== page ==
Tribute to WWII Vets

Tribute to WWII Vets
December 10th, 2005  

Topic: Tribute to WWII Vets

Tribute to WWII Vets
Was made aware of this by a friend, found the story.

Doctor sings praises of WWII veterans
Diane C. Lade
South Florida Sun-Sentinel

November 12, 2005

FORT LAUDERDALE -- Dr. Sam Bierstock has a penchant for poking musical fun at his profession.

He has written songs such as "You Picked a Fine Time to Leave Me Blue Shield" that his group, The Managed Care Blues Band, performs at health-care conventions and conferences around the country.

But Bierstock's latest effort is somber, heartfelt and personal: a thank-you to the nation's remaining 3.5 million World War II veterans. And he wants as many of them as possible to hear their song.

The Delray Beach physician recently released his tribute, "Before You Go," on the Internet through his band's Web site,

Dwindling audience

Originally, Bierstock, 58, was going to peddle the piece to a celebrity singer. He said he has contacts with Bette Midler and Barry Manilow. But he decided he wanted veterans and their families to hear it as quickly as possible, and for free, given that most World War II soldiers are in their 80s and dying at a rate of 1,500 a day.

"A lot of us would not be alive or enjoying the freedoms we have today if we had not won that war. All of us in this country owe everything to these people," said Bierstock, a chief medical officer with the IBM Consulting Group.

Bierstock lost relatives in the Holocaust, and his stepfather was wounded during the Army invasion of the Italian resort town of Anzio.

But his inspiration was a chance encounter very late one night about three years ago, when he was leaving an airport parking lot.

When Bierstock wished the ticket attendant a good evening, the elderly man replied, "I took two bullets for my country, and look what I'm doing." Bierstock backed up his car and thanked the man for his service. The veteran began to cry.

"Before You Go" follows in the footsteps of the classic American war-tribute ballad such as Lee Greenwood's hugely popular "God Bless the U.S.A." It's emotional and unabashedly patriotic. Its lyrics, by Bierstock, speak of stoicism and sacrifice, and the music, by Managed Care keyboardist John Melnick, is slow and tender.

"Quietly, you've all turned gray. You did your job -- you saved our way."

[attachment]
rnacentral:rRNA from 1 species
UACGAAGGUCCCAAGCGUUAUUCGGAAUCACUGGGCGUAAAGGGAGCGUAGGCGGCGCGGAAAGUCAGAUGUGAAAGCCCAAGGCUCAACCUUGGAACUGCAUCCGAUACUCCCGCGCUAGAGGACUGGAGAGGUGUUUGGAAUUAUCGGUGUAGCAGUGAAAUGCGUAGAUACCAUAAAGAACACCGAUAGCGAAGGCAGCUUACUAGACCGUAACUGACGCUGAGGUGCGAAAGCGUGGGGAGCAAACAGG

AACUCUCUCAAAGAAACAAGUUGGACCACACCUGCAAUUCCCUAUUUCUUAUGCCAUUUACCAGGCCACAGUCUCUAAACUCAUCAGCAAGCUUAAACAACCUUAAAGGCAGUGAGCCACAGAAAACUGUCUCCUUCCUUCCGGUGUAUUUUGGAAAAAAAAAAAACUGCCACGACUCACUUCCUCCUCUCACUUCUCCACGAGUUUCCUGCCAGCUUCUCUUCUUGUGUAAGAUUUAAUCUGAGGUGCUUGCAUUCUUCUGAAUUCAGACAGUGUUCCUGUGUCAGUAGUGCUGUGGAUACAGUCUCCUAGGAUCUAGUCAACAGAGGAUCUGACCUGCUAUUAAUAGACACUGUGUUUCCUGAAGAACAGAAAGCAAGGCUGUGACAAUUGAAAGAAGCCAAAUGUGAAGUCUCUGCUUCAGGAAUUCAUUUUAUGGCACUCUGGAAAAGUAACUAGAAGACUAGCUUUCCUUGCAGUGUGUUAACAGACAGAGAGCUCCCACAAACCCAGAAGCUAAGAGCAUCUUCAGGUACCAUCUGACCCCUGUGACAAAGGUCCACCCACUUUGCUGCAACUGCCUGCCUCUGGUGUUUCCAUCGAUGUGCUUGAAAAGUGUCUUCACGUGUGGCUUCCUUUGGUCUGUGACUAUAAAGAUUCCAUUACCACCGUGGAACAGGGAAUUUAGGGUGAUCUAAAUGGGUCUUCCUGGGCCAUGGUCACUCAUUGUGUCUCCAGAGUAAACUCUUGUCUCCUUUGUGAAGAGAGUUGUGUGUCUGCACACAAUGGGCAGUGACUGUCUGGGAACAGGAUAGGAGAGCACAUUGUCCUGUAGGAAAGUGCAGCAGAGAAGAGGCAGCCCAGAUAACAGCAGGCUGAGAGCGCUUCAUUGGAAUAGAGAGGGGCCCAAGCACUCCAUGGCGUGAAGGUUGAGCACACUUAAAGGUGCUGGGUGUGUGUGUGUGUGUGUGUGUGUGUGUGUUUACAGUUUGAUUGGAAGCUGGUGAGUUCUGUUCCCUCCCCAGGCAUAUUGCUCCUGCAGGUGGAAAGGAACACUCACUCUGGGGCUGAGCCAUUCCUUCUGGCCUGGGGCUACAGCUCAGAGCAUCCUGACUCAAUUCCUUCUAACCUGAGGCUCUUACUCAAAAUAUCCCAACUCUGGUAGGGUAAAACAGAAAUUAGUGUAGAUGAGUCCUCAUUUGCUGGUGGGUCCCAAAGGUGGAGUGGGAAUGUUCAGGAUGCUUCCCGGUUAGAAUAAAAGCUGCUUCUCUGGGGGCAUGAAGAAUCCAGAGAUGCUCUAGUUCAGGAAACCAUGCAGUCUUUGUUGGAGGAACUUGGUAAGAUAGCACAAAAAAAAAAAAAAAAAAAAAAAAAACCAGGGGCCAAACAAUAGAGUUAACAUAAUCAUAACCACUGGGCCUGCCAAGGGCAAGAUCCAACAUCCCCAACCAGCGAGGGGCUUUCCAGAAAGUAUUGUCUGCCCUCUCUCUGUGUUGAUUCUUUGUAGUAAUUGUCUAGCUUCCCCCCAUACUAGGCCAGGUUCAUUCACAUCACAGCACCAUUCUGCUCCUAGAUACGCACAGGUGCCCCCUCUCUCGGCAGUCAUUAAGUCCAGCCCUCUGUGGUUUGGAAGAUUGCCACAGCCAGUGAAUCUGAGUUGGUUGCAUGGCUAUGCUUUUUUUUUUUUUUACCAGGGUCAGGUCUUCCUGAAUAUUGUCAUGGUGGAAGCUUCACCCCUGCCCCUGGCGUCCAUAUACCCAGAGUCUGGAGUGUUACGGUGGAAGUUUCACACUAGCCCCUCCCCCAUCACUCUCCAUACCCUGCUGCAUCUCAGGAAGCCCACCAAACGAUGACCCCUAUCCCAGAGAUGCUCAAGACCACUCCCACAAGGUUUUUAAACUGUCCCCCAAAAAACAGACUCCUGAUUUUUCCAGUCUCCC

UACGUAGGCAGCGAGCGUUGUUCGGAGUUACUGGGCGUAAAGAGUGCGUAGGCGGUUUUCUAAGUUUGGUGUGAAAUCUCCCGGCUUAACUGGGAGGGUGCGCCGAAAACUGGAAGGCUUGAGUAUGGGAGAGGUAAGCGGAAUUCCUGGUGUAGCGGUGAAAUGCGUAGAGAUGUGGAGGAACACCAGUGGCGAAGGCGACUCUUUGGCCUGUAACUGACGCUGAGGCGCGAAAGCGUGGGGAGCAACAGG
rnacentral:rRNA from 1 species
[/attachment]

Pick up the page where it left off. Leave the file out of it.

As Melnick sings, the online slide show flashes images of silver-haired men and women from several Allied countries at military ceremonies, heads bowed or weeping. Those photos are mixed with images of World War II soldiers in battle and their children and grandchildren today. Bierstock is on the harmonica.

Bierstock and the band may sell a DVD version of the song and the slide show. For now, Bierstock hopes veterans pass the Web site link among themselves and their organizations.

That's what Bill Kling did.

"It sure brought back a lot of memories," said Kling, a World War II veteran from Plantation. As chairman of the Broward Veterans Council, he sent the song to the local veterans groups he works with.

War ballads go way back

American war ballads are as old as the United States. One of the first recounts a 1725 battle at Lovewell's Pond, Maine, between white settlers and American Indians.

The military and the war efforts received plenty of attention during the 1940s, said Phil Kaplan, spokesman for the VA Medical Center in Riviera Beach.

Big Band songs such as "Boogie Woogie Bugle Boy" and tunes such as "Praise the Lord" and "Pass the Ammunition" remain well-known today.

Kaplan doesn't think Bierstock's tribute will reach anthem status. Veterans ceremonies typically stick to traditional patriotic music or military marches if they have any music at all, he said.

But "Before You Go" and its accompanying images tell a story, Kaplan said. "I think it would go over well at a veterans convention. I'm sure it would generate a lot of response."

Diane C. Lade is a reporter for the South Florida Sun-Sentinel, a Tribune Publishing newspaper.
Link to story

I just might have to get the CD.

I was fortunate enough to have run into a WWII vet on Memorial Day this year -- I wore my Army dress blues to the ballet that night (this was before I left the Guard and joined the Public Health Service), and an old man came up to tell me he'd been in WWII. I shook his hand and thanked him for his service.
December 10th, 2005  
nice tribute... poor editing and such but the lyrics and pics made up for that!... thx for sharing!